Colour Sergeant Barney Foster
the 23rd March 1973 Colour/Sgt B. FOSTER was killed by
terrorists in Belfast. He was known within the Regiment as ‘Barney’
November 1961 ‘Barney’ joined the Newbury Company of the 4th/6th
Royal Berkshire Regiment. He later decided to join the Regular Army and
make soldiering his career.
training at the Wessex Brigade Depot at Exeter, he was posted to his
County Regiment, 1st Bn Duke of Edinburgh’s Royal Regiment
at that time serving on the Island of Malta. He joined ‘C’ Company
and was later selected for the 3” Mortar section of their Support
Platoon, eventually qualifying as a Mortar Fire Controller. During the
Battalions tour he also saw service in Libya and in Cyprus, where the
Battalion was manning the Green line in Nicosia during the Greek and
then went with the Battalion to Minden in West Germany, where he joined
the newly formed Support Company. After attending an A.P.C. course he
became a first rate A.P.C. instructor. He also attended an American Army
N.C.O.s course, at which he graduated; he later attended a parachute
was then posted to the Wessex Volunteers at Exeter, where he was a
member of the Wessex Depots Warrant Officers and Sgts mess. Although
from another unit, he was a very active member of that mess in every
sense. He was the person responsible for the introduction of ‘Southern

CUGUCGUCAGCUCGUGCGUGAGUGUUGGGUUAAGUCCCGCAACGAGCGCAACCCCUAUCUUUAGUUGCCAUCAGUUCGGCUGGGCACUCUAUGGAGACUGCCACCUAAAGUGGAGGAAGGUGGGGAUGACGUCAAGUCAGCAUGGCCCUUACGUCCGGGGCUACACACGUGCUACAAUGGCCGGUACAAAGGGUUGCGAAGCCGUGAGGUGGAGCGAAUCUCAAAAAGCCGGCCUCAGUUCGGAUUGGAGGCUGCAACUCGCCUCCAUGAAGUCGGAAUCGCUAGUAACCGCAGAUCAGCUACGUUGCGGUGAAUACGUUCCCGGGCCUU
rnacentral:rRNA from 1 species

Comfort’ Liqueur whisky into the mess.
June 1972 he was posted to Headquarters Northern Ireland to fill a new
appointment where he was to work on the urgent operational equipment
requirements in aid of the internal security situation. This appointment
was directly controlled by the Ministry of Defence, and therefore his
selection was very much a feather in his cap.
the beginning he established himself as an NCO of special qualities, in
particular he was able to inspire confidence in everybody who came into
contact with him, no matter what their rank. He was to obtain from
private soldiers detailed assessments of complex equipment and, in the
next breath, to relay these assessments to senior officers.
talking to a general or a private he was invariably, able to put his
viewpoint on technical matters with a simplicity and directness, which
would have been the envy of many of far greater rank and seniority.
enthusiasm for the job was boundless and he was very anxious to see at
first hand new equipment, which were providing problems, or not
performing, as they should. Inevitably this took him all over the
province and often into areas of great risk, all of which he took in his
last day was spent putting on a demonstration of a new prototype
multibarrlled baton gun, which he had helped to develop. This
demonstration was attended by the then C.L.F. Major General Robert FORD,
and all three Brigade Commanders. Largely due to his efforts and
enthusiasm the demonstration was successful and the equipment accepted
for immediate service.
Funeral took place at Newbury, at St Josephs Roman Catholic Church with
full Military Honours.